I have just finished reading Peter D. Harrison’s The Lords of Tikal: Rulers of an Ancient Maya City. During the reign of the kalomtes, or divine kings of the Classic period of Maya history, wars were almost constant. They were of two kinds:
- “Star Wars” are wars whose timing is mandated by the positions of the planets, especially Venus. These do not usually involve massive destruction or conquest.
- “Axe Wars” are wars of conquest or revenge.
In all my postings on the Maya, I have neglected to note one important fact: the Maya were never an empire of diverse peoples, such as the Aztecs in Northern Mexico and the Inca in the Andes. Instead, there were powerful city/states that rose into prominence and just as often fell to other Maya city/states. Tikal in Guatemala was probably the largest; but at different times such cities as Palenque, Calakmul, Chichen Itza, and Cobá in Mexico; Copán in Honduras; Caracol in Belize; and El Mirador, Dos Pilas, and Quirigua in Guatemala were first among equals.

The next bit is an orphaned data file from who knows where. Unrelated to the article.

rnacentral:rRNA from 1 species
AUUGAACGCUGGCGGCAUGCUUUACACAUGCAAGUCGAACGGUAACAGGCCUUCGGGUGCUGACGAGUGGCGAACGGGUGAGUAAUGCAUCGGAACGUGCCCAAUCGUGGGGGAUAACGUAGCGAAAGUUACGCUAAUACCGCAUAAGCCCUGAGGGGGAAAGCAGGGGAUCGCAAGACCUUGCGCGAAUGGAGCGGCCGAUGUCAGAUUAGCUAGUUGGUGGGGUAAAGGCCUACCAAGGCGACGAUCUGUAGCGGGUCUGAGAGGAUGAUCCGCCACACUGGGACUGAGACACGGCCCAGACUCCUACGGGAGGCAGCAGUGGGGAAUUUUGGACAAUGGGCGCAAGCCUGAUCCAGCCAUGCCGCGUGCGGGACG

With so many hundreds of Maya cities spread across Southern Mexico and Central America, the number of possible wars numbers in the hundreds or even thousands. When I think on this, I realize that the Maya were probably pretty happy to get rid of their kings and concentrate on survival rather than fighting in astrologically dictated conflicts or axe wars against powerful entities like Calakmul.
Then, too, it was hard work building all those temples and pyramids when none of the people of the Americas had the use of the wheel. Stones had to be shaped and carried long distances by men. There was probably a massive sigh of relief throughout the Maya world when all this war and labor was mostly behind them.